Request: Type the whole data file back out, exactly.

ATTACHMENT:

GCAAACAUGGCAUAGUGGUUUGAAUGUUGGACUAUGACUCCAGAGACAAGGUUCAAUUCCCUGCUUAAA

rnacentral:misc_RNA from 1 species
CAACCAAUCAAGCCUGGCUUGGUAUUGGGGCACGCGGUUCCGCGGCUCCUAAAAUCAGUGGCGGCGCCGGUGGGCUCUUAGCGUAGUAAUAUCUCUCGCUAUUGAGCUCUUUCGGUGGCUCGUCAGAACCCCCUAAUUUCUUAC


GCAAACAUGGCAUAGUGGUUUGAAUGUUGGACUAUGACUCCAGAGACAAGGUUCAAUUCCCUGCUUAAA

rnacentral:misc_RNA from 1 species
CAACCAAUCAAGCCUGGCUUGGUAUUGGGGCACGCGGUUCCGCGGCUCCUAAAAUCAGUGGCGGCGCCGGUGGGCUCUUAGCGUAGUAAUAUCUCUCGCUAUUGAGCUCUUUCGGUGGCUCGUCAGAACCCCCUAAUUUCUUAC